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Tough talks ahead for Iran nuclear deal

ANKARA, TURKEY - DECEMBER 09: Hakki Uygur, head of the Center for Iranian Studies (IRAM) poses during an exclusive interview in the Turkish capital of Ankara on December 09, 2021. Long-awaited talks on the Iran nuclear deal which resumed last week in Vienna after a five-month hiatus may end up in reconciliation, according to one political analyst. “Neither Iran nor the P4+1 countries – Russia, China, France, Britain and Germany – wants the deal to collapse. Even if the two sides don’t reach an ideal agreement, they may find middle ground,” Hakki Uygur, head of the Center for Iranian Studies (IRAM) in the Turkish capital of Ankara, told Anadolu Agency. ( Metin Aktaş - Anadolu Agency )
Hakki Uygur, head of the Center for Iranian Studies (IRAM) poses during an exclusive interview in the Turkish capital of Ankara on December 09, 2021 [Metin Aktaş - Anadolu Agency]

Long-awaited talks on the Iran nuclear deal which resumed last week in Vienna after a five-month hiatus may end up in reconciliation, according to one political analyst, Anadolu Agency reported.

"Neither Iran nor the P4+1 countries – Russia, China, France, Britain and Germany – wants the deal to collapse. Even if the two sides don't reach an ideal agreement, they may find middle ground," Hakki Uygur, head of the Center for Iranian Studies (IRAM) in the Turkish capital of Ankara, told Anadolu Agency.

"The cessation of negotiations and an escalation in the military tension would not be a scenario preferred by either side," he said.

It would not be a good option for Iran, as its economy has tumbled in recent years into a recession under US sanctions, he pointed out.

On Nov. 29, in Vienna, Iran and world powers kicked off talks in a last-ditch attempt to restore the 2015 Joint Comprehensive Plan of Action (JCPOA) – the deal's formal name – after talks stalled following a government change in Iran this June.

READ: Assad, North Korea, Iran developing nuclear reactor, Syria opposition member claims

The latest round of talks ended last week without any significant breakthrough.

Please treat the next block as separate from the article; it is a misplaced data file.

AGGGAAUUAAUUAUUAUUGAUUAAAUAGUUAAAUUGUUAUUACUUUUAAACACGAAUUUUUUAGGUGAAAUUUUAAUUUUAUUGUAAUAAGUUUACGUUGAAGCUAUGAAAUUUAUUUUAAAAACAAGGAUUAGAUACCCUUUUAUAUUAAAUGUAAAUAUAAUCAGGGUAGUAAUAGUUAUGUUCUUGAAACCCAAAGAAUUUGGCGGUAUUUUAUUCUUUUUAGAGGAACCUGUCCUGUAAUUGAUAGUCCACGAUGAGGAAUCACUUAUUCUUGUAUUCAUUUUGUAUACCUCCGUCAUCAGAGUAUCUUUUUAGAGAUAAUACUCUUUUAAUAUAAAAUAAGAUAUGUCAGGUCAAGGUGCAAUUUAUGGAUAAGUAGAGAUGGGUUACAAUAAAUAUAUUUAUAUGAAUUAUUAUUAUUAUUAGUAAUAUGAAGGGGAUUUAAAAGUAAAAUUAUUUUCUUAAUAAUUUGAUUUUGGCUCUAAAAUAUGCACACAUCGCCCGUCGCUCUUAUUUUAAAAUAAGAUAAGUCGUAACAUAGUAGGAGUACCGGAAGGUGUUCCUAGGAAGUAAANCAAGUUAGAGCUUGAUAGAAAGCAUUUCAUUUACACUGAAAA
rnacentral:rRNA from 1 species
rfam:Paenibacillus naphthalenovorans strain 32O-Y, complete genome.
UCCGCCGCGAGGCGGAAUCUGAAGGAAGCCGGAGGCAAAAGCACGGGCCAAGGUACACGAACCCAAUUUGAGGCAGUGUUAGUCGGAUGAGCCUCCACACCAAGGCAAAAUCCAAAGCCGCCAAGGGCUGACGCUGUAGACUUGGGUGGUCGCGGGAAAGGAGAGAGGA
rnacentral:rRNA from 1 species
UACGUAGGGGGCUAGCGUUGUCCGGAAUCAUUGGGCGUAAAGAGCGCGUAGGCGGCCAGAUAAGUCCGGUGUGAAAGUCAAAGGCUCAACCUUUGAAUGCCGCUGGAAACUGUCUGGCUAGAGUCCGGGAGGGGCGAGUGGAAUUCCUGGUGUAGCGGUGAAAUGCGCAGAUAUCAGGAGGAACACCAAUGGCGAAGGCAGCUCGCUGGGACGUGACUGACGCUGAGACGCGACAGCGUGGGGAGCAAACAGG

During the negotiations, Iran submitted two draft proposals to the Europeans, one on lifting sanctions and another on nuclear commitments.

"We saw harsh reactions by the EU and US against the proposals, accusing Iran of expecting too much," said Uygur.

The new Iranian delegation, under a new government, took a tougher stance than its predecessor, provoking a backlash from the US, which accused Tehran of not being serious.

On Dec. 3, US Secretary of State Antony Blinken said that Iran does not seem serious about returning to the parameters of the nuclear deal that set limits on Iran's nuclear ambitions.

Uygur stressed that we do not know details about the proposals as they were not made public, adding that this secrecy shows that the negotiations can continue.

Iran and the P4+1 countries reconvened in the Austrian capital on Thursday after holding consultations in their respective capitals.

Following a joint commission meeting, Iran's lead nuclear negotiator, Ali Bagheri Kani, said the parties have a "serious will" to continue talks, which shows that they want to "narrow the gaps."

On whether other parties have responded to the two draft proposals, Bagheri said the issue will be discussed in working group meetings.

After the meeting, Enrique Mora, the top EU representative and coordinator of the talks, said the parties will continue talks "until an agreement is reached."

READ: EU asks Iran to address concerns over nuclear program

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